Chayes, Sarah 1962-
Chayes, Sarah 1962-
Born 1962, in Washington, DC; daughter of Abram (a law professor) and Antonia (former undersecretary of the Air Force) Chayes. Education: Harvard University, B.A., M.A.
Writer, journalist. Monitor Radio, Boston, MA, reporter, 1991-1995; National Public Radio, correspondent, 1996-2002. Afghans for Civil Society, aid worker; Arghand Cooperative, director and founder. Served in the Peace Corps.
Radcliffe College History Prize, for the best thesis written by a woman, 1984; Foreign Press Club and Sigma Delta Chi awards, 1999; Best Books of 2006 list, Kirkus Reviews, for The Punishment of Virtue: Inside Afghanistan after the Taliban.
The Punishment of Virtue: Inside Afghanistan after the Taliban, Penguin Press (New York, NY), 2006.
Contributor to the Christian Science Monitor.
Sarah Chayes was a National Public Radio correspondent covering the 2002 war in Afghanistan and its aftermath when she decided to take a break from journalism and attempt to do her own part in rebuilding the country. Commenting in an interview for Frontline/World, Chayes discussed her motivation for turning from journalism to humanitarian activist: "Afghanistan is a compelling place…. As for me, though I've been called a war reporter, I'm not drawn to conflict; I am drawn to what happens afterward, to the chaos and promise of societies recovering from war…. I'm also rather spartan in my habits and tastes, and I think it's the ruggedness of this land and its people, their tenaciousness, their refusal to bend—sometimes to a fault—that draws me. And in contrast to other places I'd been, notably the Balkans, I felt strongly there were a few people acting in the true interests of their country. I felt I just had to throw my lot in with them."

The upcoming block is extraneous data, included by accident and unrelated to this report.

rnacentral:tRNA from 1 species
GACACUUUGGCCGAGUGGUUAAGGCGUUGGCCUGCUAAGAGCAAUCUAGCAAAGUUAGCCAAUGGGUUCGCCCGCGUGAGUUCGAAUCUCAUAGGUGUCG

In 2006 Chayes, who has continued to live and work in Afghanistan, published The Punishment of Virtue: Inside Afghanistan after the Taliban, an examination of what went wrong after American and other international forces occupied the country. In the work, Chayes criticizes the United States government for allowing war lords to resume their brutal grip on power in various regions of Afghanistan and for allowing the Taliban to infiltrate the country once again. Chayes blames the Bush administration's "war on terror" for distracting the United States from its real mission in Afghanistan. The author also faults neighboring Pakistan for aiding the escalation of violence in Afghanistan. Reviewing The Punishment of Virtue in Booklist, Jay Freeman felt it is not "a balanced account," but "given her knowledge and experience, [Chayes] merits atten- tion." Higher praise came from Weekly Standard contributor Vance Serchuk, who called The Punishment of Virtue "arguably the best book yet about politics and power in Afghanistan after the Taliban." Serchuk went on to note that the book is not intended as objective journalism, but rather "an impressionistic, and intensely personal, account of one intrepid explorer there." Similarly, a Kirkus Reviews critic called it "absorbing reading," while a Publishers Weekly contributor felt that Chayes's "hands-on experience as a deeply immersed reporter and activist gives her lucid analysis and prescriptions a practical scope and persuasive authority." Further praise came from Time International writer Aryn Baker, who found the book "haunting and passionate," as well as a "disturbing read." And for David Rohde, writing in the New York Times Book Review, The Punishment of Virtue is an "engrossing account."